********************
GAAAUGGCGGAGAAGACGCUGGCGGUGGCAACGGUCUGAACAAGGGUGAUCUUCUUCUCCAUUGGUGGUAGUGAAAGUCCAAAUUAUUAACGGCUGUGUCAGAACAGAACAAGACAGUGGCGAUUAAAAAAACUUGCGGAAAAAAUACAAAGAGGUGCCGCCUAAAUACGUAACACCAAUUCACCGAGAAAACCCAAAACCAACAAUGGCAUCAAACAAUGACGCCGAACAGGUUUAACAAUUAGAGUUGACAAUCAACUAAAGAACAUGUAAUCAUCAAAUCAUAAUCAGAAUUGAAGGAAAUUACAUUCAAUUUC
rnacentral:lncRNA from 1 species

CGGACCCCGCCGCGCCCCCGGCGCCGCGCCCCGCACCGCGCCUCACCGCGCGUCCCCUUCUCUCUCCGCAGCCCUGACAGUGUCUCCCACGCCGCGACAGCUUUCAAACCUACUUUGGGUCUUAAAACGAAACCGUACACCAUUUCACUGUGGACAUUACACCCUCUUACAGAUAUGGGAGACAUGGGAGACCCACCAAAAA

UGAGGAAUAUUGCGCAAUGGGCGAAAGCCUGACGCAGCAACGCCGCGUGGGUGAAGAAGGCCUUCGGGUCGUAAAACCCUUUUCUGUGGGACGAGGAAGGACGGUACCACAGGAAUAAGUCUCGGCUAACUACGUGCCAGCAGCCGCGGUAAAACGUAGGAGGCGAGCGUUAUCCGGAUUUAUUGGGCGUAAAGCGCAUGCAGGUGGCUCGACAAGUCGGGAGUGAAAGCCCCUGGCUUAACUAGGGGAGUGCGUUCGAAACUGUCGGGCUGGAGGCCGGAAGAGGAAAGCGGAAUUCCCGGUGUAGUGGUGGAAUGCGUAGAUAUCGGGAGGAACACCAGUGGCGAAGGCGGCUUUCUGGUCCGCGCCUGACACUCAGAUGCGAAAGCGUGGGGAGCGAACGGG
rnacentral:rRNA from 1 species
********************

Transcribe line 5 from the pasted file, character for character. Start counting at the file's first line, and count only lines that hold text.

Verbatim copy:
rnacentral:rRNA from 1 species